Above: A hallway at Hanaford Elementary School. Every space is needed so hallways are used for storage.
On the theory that seeing is believing, school officials invited the public to tours of five of the district’s six school buildings in April and May, hoping to illustrate the need for one or two new elementary school buildings and extensive renovations at others. Additionally, it wanted to show why they are recommending decommissioning the Eldredge building as a school. (A future article will look at the issues outlined during the tour of East Greenwich High School.)
This is all because school officials are hoping voters will agree in November to support a school bond of up to $180 million (the actual amount will not be decided until sometime in August). As of now, as much as 52 percent – and possibly a higher percentage depending on the General Assembly – of any school bond could be eligible for state reimbursement. Because the normal reimbursement rate is 35 percent, both town and school officials are eager to take advantage of the higher reimbursement.
Still, the largest bond referendum to go before East Greenwich voters was for $52 million in 2008, for the new Cole Middle School. So officials want to show voters why they are looking at potentially as much as $180 million.
East Greenwich school buildings skew older, with five of the six more than 50 years old and one nearly 100 years old. Eldredge Elementary was built in 1927, Hanaford Elementary in 1958, Frenchtown Elementary in 1964, EGHS in 1965, Meadowbrook Farms Elementary in 1969, and Cole Middle School in 2011.
All four elementary schools are overcrowded, according to officials, and tours showed everything from students being taught in hallways and closets (which means there’s no place to store things so spaces like cafeterias and gyms have become makeshift storage areas) to classrooms that are not easily accessible to those with mobility issues.
In many instances, it is students with special needs requiring additional services who are taught in areas other than classrooms. When these buildings were designed, officials said, most students with special needs did not attend regular community schools so accommodating their needs was not even considered.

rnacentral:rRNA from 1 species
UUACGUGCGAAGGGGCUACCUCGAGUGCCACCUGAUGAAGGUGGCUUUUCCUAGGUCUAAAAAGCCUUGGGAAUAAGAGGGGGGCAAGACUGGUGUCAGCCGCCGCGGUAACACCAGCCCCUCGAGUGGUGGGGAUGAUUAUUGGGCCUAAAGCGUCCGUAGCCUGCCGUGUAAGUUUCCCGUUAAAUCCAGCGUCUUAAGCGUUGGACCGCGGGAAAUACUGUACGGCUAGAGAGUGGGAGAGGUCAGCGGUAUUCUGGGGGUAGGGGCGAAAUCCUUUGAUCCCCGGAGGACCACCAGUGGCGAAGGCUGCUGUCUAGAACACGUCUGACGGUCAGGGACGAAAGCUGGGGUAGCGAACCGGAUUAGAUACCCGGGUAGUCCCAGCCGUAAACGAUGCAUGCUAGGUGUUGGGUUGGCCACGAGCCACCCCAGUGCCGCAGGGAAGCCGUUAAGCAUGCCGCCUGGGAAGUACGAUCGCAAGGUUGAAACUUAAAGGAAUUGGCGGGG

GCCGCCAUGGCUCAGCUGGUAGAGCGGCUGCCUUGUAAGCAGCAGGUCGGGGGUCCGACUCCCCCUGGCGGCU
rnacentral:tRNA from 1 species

Needless to say, that has changed significantly. As has educational pedagogy, where many of the practices originally utilized for students with special needs are seen to have benefits for all students (including sensory rooms and quiet spaces).
At Meadowbrook, for instance, the cafetorium stage has been repurposed as an OT/sensory room; it has not been used as an actual stage in years. The PE and OT teachers have tiny spaces in the back for their desks; they don’t have designated offices or true workstations.
The lack of extra space at Meadowbrook means when a private place is needed for student testing, Principal Dom Giusti will give up his office.
There is a 23-year-old trailer that serves as the art and music room at Meadowbrook. It is only accessible from the outside and the ramp has a sharp angle. According to Giusti, last year a student in a wheelchair was simply unable to get to the classroom.
The situations at Hanaford and Frenchtown are similar.
According to Principal Maryann Crudale at Frenchtown, “We are outgrowing the building as our student population and staffing continue to grow. The amount of shared space among multiple specialists and for a variety of purposes is at an all-time high. We are contending with the aging out of the physical plant as we are in need of a new roof, replacement of the original HVAC system, and a portable space that has been in place far longer than its intended life expectancy. While trying to be creative and optimize space throughout the building to best serve our students, we have greatly reduced storage space.”
At Eldredge, the issues become more complicated because of the building’s age. Any major renovations would require the building be brought up to code for schools, particularly in terms of the Americans with Disabilities Act (ADA).
The building has significant accessibility challenges. To even get into the building for those who have a mobility impairment, they have to park by the dumpster on the backside of the building, go down a ramp toward the gym, enter through the gym, and take an elevator. Because the ramp slopes down, it often collects debris (sand, water) and requires constant vigilance to keep clear.
The library at Eldredge is very small, making it difficult to accommodate entire classes (each class has a library period once/week). The library is also used for faculty meetings but doesn’t allow for breakout spaces, and collaboration is limited.
The Eldredge cafeteria is small and dark – one official said it had a “dungeon kind of feeling.” Only one grade can eat there at a time and, depending on the year, maybe not all of the students can actually fit in the cafeteria so they spill out into the adjoining hallway.
Additionally, Eldredge does not have enough outlets in the classrooms and the building needs updated electrical panels.
Some of these things will need to be updated regardless of the building’s future, but officials said school building requirements are significantly greater than if the building was used for other purposes.
What will happen to the building is not under discussion at this time but officials have suggested it could provide municipal office space, or space for local organizations among other possibilities. There is no plan to tear down the building.
Read more about the school construction plans HERE.